Background and sources
The kingdoms of Britain during Offa's reign
A mention of Offa, the Mercian king, in the Anglo-Saxon Chronicle
In the first half of the 8th century, the dominant Anglo-Saxon ruler was King Æthelbald of Mercia, who by 731 had become the overlord of all the provinces south of the River Humber. Æthelbald was one of a number of strong Mercian kings who ruled from the mid-7th century to the early 9th, and it was not until the reign of Egbert of Wessex in the 9th century that Mercian power began to wane.
The power and prestige that Offa attained made him one of the most significant rulers in Early Medieval Britain, though no contemporary biography of him survives. A key source for the period is the Anglo-Saxon Chronicle, a collection of annals in Old English narrating the history of the Anglo-Saxons. The Chronicle was a West Saxon production, however, and is sometimes thought to be biased in favour of Wessex; hence it may not accurately convey the extent of power achieved by Offa, a Mercian. That power can be seen at work in charters dating from Offa's reign. Charters were documents which granted land to followers or to churchmen and were witnessed by the kings who had the authority to grant the land. A charter might record the names of both a subject king and his overlord on the witness list appended to the grant. Such a witness list can be seen on the Ismere Diploma, for example, where Æthelric, son of king Oshere of the Hwicce, is described as a "subregulus", or subking, of Æthelbald's. The eighth-century monk and chronicler the Venerable Bede wrote a history of the English church called Historia Ecclesiastica Gentis Anglorum; the history only covers events up to 731, but as one of the major sources for Anglo-Saxon history it provides important background information for Offa's reign.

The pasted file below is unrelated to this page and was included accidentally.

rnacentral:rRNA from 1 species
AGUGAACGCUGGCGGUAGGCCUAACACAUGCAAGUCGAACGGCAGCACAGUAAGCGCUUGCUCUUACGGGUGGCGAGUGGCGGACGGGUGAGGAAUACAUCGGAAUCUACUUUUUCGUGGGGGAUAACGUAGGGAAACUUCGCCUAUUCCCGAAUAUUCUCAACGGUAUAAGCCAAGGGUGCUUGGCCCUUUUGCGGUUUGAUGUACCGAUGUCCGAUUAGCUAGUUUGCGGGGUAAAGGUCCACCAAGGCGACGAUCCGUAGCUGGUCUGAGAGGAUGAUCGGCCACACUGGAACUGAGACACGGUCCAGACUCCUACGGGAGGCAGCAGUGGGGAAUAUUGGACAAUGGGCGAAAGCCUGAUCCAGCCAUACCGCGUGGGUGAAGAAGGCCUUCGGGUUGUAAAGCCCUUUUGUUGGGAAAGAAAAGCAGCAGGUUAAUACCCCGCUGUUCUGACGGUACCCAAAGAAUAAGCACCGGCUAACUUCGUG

Offa's Dyke, most of which was probably built in his reign, is a testimony to the extensive resources Offa had at his command and his ability to organise them. Other surviving sources include a problematic document known as the Tribal Hidage, which may provide further evidence of Offa's scope as a ruler, though its attribution to his reign is disputed. A significant corpus of letters dates from the period, especially from Alcuin, an English deacon and scholar who spent over a decade at Charlemagne's court as one of his chief advisors, and corresponded with kings, nobles and ecclesiastics throughout England. These letters in particular reveal Offa's relations with the continent, as does his coinage, which was based on Carolingian examples.